Singapore is a right-side drive nation with first-world road conditions, which includes well-illuminated, well-paved, English-language thoroughfares and 4-6 lane expressways spanning the island. Traffic and driving can be a bit more hectic than typical American driving, with drivers seemingly occupying two lanes at once and motorcycles darting from lane to lane between cars. Traffic accidents, however, appear surprisingly rare. Drivers should be cautious, as police strictly enforce speeding violations and speed cameras are prevalent. Drivers should also recognize the difficulty posed by frequent, sometimes heavy rains that can dump several inches of water on the roads in minutes.
Public Transportation Conditions
Public transport covers a variety of transport modes (bus, rail, taxi) as a result of the great emphasis by the government to promote its use over private transport. About 5.4 million trips are made on a daily basis on the public transport system, and at least half of Singapore's population utilizes it daily.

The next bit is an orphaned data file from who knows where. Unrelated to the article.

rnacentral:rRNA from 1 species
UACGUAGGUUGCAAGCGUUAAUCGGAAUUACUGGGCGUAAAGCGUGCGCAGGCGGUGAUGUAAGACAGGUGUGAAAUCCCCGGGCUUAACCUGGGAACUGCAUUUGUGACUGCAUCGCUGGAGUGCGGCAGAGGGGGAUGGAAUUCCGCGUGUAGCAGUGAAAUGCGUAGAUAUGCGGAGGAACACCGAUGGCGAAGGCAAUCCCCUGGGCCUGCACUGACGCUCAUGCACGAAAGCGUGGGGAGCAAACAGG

Singapore's public transport system was reliant largely on buses until the opening of the first section of the Mass Rapid Transit (MRT) in 1987. Although buses still enjoy an average daily ridership exceeding twice the number carried on both the MRT and Light Rail Transit (LRT) systems, the Land Transport Authority plans to expand the rail system such that buses will play only a feeder role to an extensive rail network.
The MRT network consists of five main lines, for a total network length of 153.2 km (95.19 mi) and with 104 stations. The North-South Line, East-West Line, and Circle Line are operated by SMRT Trains (SMRT Corporation), while the North-East Line and Downtown Line have been operational since December 2013 and are run by SBS Transit.